On April 3, German solar cell maker Q-Cells (ETR: QCE) filed for insolvency after failed attempts at restructuring.
It’s been just one of many solar company bankruptcies over the past year, beginning with Solyndra.
But unlike many others, Q-Cells is showing potential once again.
The company’s insolvency administrator, Henning Schorisch of HWW Wienberg Wilhelm, hired Deloitte Touche Tohmatsu Ltd. to find investors for the company.
And since then he has announced that a number of investors have come forward, both foreign and domestic. In his press release, Schorisch said:
“Our aim is to save as much of Q-Cells as possible. The next few weeks will show the extent of investors’ interest.”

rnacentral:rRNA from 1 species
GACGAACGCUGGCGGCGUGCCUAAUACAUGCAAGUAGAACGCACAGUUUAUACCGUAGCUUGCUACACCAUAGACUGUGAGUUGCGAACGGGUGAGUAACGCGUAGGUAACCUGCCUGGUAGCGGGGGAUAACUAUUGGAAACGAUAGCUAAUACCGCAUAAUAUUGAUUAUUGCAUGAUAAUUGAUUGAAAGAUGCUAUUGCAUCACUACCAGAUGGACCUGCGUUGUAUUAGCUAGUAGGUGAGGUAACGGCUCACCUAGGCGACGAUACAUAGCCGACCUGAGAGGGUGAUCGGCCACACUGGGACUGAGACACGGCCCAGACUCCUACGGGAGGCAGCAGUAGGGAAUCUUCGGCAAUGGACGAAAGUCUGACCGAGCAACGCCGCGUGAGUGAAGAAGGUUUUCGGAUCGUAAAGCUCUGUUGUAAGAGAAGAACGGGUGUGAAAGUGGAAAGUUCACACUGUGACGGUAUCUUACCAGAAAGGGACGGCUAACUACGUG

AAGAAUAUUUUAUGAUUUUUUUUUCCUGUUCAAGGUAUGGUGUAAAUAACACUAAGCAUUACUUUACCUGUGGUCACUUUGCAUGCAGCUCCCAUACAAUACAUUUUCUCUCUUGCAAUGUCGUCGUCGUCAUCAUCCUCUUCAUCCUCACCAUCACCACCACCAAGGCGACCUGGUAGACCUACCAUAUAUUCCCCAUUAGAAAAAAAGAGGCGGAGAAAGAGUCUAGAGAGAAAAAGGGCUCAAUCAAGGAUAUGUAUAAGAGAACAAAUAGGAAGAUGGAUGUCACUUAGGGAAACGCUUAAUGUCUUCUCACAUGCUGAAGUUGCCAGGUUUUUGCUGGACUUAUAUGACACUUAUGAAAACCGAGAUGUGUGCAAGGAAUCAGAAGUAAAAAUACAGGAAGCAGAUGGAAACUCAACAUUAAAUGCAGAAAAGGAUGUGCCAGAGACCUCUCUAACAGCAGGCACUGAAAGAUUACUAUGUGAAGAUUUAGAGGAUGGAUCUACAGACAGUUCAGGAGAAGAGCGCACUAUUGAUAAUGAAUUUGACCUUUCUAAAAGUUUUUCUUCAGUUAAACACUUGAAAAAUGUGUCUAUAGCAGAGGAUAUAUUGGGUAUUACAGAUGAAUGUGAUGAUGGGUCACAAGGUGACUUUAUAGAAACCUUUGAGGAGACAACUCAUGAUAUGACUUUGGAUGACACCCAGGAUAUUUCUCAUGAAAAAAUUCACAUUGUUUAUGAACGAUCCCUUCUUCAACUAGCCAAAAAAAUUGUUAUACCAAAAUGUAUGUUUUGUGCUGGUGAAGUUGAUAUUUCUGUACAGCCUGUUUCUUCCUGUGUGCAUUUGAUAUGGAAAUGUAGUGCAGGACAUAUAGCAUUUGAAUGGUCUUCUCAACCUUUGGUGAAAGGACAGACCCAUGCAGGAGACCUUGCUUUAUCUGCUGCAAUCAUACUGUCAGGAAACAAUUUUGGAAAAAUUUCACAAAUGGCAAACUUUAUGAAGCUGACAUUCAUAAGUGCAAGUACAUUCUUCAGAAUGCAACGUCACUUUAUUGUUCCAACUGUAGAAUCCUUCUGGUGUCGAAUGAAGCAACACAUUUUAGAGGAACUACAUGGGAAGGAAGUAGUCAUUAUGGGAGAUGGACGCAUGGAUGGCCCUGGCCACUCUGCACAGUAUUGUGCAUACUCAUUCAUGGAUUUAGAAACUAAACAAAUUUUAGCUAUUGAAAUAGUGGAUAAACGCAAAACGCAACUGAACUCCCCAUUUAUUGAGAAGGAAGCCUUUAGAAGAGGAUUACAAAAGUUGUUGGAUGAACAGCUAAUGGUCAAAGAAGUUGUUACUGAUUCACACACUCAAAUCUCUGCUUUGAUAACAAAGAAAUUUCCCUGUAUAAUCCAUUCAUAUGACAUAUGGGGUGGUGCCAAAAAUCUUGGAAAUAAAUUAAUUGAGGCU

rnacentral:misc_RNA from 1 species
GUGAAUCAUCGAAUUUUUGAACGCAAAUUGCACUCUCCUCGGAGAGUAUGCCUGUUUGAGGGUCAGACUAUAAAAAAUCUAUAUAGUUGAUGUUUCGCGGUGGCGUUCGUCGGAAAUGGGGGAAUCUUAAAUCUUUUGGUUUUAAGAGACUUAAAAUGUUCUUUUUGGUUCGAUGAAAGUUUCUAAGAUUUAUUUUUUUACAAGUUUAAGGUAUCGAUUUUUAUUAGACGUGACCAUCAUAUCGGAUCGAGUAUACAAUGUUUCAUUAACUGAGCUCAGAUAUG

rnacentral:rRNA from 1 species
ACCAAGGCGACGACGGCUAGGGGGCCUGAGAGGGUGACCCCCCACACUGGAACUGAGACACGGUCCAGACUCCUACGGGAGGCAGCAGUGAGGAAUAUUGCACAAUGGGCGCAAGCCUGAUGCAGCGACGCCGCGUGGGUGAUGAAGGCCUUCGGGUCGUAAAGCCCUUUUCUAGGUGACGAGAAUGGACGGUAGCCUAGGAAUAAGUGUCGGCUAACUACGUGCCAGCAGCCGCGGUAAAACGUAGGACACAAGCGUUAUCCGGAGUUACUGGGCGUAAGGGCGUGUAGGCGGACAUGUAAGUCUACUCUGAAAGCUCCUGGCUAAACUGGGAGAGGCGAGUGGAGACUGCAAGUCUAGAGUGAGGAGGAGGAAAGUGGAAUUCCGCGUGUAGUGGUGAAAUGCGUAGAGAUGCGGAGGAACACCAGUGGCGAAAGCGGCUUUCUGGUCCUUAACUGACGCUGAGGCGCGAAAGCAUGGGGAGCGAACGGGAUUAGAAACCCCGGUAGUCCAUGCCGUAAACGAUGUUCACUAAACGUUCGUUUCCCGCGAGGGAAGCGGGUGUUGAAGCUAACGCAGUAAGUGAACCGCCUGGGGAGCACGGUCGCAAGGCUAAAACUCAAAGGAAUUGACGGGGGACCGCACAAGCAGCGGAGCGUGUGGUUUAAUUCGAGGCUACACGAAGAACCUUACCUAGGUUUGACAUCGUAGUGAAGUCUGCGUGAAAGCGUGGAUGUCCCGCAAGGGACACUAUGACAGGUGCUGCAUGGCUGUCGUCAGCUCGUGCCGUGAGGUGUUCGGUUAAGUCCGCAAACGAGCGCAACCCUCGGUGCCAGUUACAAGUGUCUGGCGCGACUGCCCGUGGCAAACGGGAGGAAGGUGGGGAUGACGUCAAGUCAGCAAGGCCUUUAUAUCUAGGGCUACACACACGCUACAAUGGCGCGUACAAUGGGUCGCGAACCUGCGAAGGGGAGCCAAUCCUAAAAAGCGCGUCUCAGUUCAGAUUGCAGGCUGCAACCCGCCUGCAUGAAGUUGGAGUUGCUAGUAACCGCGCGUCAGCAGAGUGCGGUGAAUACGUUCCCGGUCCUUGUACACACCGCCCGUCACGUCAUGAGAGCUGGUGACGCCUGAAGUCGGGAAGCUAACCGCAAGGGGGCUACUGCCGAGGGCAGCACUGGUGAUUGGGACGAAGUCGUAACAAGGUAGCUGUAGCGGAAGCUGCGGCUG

Since the insolvency filing, Q-Cells has been able to return the production of mono- and mulitcrystalline cells to half normal levels.
In addition, module production is operating on three shifts. The company is making plans to return to a full four shifts soon.
After filing, the company was anxious to return to production, particularly since its storage facilities were empty at the time of the filing.
And heading into spring and summer, when solar power is most popular, they couldn’t afford to lose too much business.
There have also been discussions of bringing in employers from Q-Cells’ subsidiary, Solibro, to help return to full production. Schorisch said:
“The workforce at Q-Cells is understandably upset by the insolvency proceeding, but it is still highly motivated. Everyone is pulling together.”
The company’s shares jumped 20% on Monday to 15.6 euro cents.
That’s all for now,